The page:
Changes in pituitary, ovarian, and testicular activity in harbour seals (Phoca vitulina) in relation to season and sexual maturity

Gardiner, K.J.; Boyd, I.L.; Follett, B.K.; Racey, P.A.; Reijnders, P.J.H.. 1999 Changes in pituitary, ovarian, and testicular activity in harbour seals (Phoca vitulina) in relation to season and sexual maturity. Canadian Journal of Zoology, 77 (2). 211-221.

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This study examined pituitary sensitivity to exogenous gonadotrophin-releasing hormone (GnRH) in relation to time of year and changes in plasma progesterone, testosterone, luteinising hormone (LH), and follicle-stimulating hormone (FSH) concentrations during the annual cycle of adult and juvenile harbour seals (Phoca vitulina vitulina). There was no significant difference in seasonal changes in reproductive hormone levels between six captive individuals and seals caught from the wild (n = 80). Based on results from both the captive and the wild individuals, the plasma progesterone concentration was elevated in late gestation, whereas it declined at the equivalent time in nonpregnant females. The progesterone concentration was also elevated during the phase of delayed implantation, but there was no difference between pregnant and nonpregnant seals. In captive seals given exogenous GnRH, the LH concentration peaked 10-20 min after injection of GnRH, and the magnitude of the LH response depended upon the dose up to ~120 ng·kg-1. FSH did not respond to GnRH in the time course of the experiment. Pituitary sensitivity to GnRH was greatest in the summer and autumn and lowest in the winter and spring. Seasonal changes in pituitary sensitivity were apparent in both adults and juveniles. There was evidence that three of the four juvenile seals attained puberty during the study. We conclude that the seasonal patterns of pituitary sensitivity and plasma hormone concentration in harbour seals are consistent with a reproductive cycle under photoperiodic control and with the general mechanisms underlying photoperiodic control of seasonal reproduction in higher vertebrates.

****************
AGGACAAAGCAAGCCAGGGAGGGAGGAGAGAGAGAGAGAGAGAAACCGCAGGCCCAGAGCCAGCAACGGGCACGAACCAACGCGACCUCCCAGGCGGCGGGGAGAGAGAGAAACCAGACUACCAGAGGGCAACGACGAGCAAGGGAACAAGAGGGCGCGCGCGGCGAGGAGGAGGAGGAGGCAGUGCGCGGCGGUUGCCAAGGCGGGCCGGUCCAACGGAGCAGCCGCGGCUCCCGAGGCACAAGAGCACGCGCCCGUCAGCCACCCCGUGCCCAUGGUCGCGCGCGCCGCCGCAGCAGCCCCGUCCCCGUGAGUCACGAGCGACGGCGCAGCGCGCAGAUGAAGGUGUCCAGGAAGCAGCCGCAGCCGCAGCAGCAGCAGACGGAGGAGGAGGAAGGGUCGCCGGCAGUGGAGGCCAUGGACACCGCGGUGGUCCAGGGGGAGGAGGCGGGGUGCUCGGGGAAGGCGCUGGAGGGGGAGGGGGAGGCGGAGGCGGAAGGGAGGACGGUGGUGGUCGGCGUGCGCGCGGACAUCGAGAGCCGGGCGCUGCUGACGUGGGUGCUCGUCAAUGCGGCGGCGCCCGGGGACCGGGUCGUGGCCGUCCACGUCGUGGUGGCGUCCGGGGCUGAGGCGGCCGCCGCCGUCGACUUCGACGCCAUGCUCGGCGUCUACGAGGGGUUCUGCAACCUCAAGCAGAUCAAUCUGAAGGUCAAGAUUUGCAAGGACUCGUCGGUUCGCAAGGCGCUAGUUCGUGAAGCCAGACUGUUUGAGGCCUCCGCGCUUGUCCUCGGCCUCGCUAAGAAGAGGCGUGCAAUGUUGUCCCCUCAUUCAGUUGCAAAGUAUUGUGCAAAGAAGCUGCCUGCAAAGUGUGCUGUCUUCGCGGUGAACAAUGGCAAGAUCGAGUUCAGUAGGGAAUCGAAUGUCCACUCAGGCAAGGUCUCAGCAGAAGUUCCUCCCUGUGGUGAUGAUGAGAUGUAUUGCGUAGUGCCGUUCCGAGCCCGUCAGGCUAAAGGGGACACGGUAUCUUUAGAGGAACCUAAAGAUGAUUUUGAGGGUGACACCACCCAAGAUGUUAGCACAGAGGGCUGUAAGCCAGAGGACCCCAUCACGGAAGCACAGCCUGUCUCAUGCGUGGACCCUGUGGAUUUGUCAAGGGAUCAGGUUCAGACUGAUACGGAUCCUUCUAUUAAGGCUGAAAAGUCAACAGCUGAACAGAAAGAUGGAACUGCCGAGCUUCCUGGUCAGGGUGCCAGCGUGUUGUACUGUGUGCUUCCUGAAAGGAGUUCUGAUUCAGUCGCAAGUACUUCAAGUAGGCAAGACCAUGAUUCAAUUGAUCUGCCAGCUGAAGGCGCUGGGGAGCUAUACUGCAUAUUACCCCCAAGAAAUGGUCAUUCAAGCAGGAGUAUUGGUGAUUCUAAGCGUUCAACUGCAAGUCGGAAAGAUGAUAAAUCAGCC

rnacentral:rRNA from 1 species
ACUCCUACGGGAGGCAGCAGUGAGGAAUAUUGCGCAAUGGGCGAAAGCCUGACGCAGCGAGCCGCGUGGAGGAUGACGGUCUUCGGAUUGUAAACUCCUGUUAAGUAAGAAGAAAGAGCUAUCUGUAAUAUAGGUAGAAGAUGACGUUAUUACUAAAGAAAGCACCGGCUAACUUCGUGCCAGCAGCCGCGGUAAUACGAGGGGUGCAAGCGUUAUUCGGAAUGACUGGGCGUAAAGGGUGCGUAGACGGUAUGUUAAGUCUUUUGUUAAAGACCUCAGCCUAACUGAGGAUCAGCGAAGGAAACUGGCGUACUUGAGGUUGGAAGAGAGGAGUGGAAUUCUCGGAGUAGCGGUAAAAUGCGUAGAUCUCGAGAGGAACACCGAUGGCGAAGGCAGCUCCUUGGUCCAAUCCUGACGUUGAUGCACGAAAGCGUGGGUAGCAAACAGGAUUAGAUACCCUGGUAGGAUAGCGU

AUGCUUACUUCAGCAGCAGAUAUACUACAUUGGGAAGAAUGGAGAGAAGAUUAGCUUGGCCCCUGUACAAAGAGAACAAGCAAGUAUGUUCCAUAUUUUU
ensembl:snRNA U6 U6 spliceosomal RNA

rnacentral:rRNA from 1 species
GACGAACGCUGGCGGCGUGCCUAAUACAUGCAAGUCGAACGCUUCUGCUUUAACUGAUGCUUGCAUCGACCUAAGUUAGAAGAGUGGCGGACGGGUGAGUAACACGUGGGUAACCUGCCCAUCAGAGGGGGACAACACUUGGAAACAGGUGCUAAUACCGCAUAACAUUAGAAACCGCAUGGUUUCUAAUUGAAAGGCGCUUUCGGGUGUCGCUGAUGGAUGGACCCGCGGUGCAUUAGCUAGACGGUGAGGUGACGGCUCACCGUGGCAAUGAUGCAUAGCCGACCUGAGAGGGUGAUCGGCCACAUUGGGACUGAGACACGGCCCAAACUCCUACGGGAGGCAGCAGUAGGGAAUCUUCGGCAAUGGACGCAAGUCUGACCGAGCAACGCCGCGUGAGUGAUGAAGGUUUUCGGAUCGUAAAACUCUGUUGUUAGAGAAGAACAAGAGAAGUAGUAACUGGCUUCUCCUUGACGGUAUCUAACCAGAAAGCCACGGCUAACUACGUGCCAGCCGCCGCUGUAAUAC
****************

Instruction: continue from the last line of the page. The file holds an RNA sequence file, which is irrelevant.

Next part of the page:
Item Type: Publication - Article
Digital Object Identifier (DOI):
Programmes: BAS Programmes > Pre 2000 programme
ISSN: 0008-4301
Date made live: 15 Oct 2013 08:12 +0 (UTC)

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